Crossing the Ford F-150 Generation Gap
If you are in need of a pickup truck, your best bet is to find a used Ford F-150. This truck has got it all, with a sturdy and robust design, your choice of different engines and trims, the power to tow heavy trailers and carry loads, and that classic Ford truck look. And with so many models and trims available, there are sure to be plenty of great Ford F-150s to choose from. The Ford F-150 has been in the lineup of Ford vehicles continuously since 1948, with the current version referred to as the 13th generation. This model has been in production since 2015. The prior generation, the 12th, was built from the 2009 model year to 2014 and marked a quantum leap from the generation before it.
With most used Ford F-150 trucks on the market falling into one of these two generations, you have to answer the question, “Which generation should I choose? The 12th or the 13th? That is an excellent question since they are both so darn good. If you see them side-by-side, you’ll probably notice some subtle cosmetic differences, like an upgraded grille on the 13th generation. However, the overall profiles are relatively similar, which is why you need to find out more since looks can be deceiving.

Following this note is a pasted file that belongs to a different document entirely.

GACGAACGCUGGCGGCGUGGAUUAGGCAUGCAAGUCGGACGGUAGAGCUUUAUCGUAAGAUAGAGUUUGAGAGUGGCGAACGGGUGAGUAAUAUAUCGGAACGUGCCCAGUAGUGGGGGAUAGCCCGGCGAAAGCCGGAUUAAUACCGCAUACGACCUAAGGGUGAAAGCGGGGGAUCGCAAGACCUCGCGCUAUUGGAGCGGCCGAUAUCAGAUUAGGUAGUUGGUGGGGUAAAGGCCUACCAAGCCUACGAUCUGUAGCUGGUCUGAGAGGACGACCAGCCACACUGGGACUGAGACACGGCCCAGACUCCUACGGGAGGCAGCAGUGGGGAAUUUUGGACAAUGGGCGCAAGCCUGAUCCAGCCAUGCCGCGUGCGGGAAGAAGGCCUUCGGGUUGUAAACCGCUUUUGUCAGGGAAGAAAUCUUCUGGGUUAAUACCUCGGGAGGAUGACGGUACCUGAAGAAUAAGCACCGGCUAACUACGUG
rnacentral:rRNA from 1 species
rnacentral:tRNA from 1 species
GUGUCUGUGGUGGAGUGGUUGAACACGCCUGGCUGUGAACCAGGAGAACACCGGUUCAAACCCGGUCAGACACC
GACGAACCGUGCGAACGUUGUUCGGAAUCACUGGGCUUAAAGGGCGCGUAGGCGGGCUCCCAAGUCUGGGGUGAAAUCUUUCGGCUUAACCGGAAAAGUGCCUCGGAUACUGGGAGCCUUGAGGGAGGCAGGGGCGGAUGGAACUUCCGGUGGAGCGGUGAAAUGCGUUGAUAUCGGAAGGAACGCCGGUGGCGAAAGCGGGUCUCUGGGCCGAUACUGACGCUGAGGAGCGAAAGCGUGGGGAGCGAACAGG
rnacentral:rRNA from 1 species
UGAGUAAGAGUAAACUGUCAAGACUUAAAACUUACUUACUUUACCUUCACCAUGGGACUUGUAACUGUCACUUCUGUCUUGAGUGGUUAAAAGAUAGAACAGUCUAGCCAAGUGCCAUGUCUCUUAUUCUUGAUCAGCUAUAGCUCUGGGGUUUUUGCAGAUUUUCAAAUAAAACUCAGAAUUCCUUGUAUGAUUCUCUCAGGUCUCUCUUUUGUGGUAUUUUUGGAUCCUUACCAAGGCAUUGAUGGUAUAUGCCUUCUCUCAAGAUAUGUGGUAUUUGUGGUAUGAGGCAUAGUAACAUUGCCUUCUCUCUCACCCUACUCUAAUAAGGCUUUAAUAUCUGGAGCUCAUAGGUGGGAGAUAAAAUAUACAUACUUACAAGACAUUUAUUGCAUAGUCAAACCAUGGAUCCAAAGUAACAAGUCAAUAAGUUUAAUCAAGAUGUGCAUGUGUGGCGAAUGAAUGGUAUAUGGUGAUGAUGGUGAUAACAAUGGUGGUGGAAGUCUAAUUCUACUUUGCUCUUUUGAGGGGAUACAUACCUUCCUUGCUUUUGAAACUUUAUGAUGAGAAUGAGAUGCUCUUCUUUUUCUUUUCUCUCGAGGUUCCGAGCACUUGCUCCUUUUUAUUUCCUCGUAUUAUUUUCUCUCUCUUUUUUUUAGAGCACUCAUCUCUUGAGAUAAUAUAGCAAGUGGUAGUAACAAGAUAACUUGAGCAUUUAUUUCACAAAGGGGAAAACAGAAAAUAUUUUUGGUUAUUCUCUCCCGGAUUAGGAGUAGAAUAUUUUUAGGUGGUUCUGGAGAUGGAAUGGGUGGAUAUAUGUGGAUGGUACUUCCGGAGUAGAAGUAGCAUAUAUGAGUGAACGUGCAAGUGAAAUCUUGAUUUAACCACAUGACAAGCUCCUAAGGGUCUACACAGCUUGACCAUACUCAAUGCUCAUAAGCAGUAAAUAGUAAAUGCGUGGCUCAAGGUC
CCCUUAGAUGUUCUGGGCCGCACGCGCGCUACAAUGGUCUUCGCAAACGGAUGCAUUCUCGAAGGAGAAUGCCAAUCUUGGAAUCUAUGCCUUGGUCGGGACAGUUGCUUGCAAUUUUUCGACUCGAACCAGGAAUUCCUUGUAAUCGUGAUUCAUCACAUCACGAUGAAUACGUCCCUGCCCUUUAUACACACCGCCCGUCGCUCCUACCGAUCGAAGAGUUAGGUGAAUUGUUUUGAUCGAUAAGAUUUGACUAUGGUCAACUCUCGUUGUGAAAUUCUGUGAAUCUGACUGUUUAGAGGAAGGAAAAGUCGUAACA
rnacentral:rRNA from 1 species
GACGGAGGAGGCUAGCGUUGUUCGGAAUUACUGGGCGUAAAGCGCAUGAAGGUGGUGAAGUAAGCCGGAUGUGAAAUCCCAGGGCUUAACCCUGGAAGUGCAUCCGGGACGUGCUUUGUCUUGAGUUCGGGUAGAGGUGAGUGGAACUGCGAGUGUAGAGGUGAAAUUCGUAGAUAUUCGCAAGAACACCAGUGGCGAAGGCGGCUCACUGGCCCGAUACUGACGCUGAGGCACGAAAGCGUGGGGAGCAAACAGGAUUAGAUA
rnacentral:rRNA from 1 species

The Body Construction
One of the most interesting differences between the 12th and 13th Generations of the Ford F-150 was the material used in constructing the truck’s body. Ford used high-strength steel until the debut of the 13th Generation Ford F-150 in the 2015 model year. That all changed as Ford began using aluminum to construct the Ford F-150, except for the frame and firewall, which continued to be made of high-strength steel. As a result, the curb weight of the F-150 was reduced by an astonishing 750 pounds. Despite the weight loss, the truck remained as strong as ever. Therefore, one thing you should keep in mind is whether you feel comfortable with a truck made of aluminum. It becomes a matter of personal taste since there is no real loss in strength, while the fuel economy goes up with the lighter curb weight.
Engines and Transmissions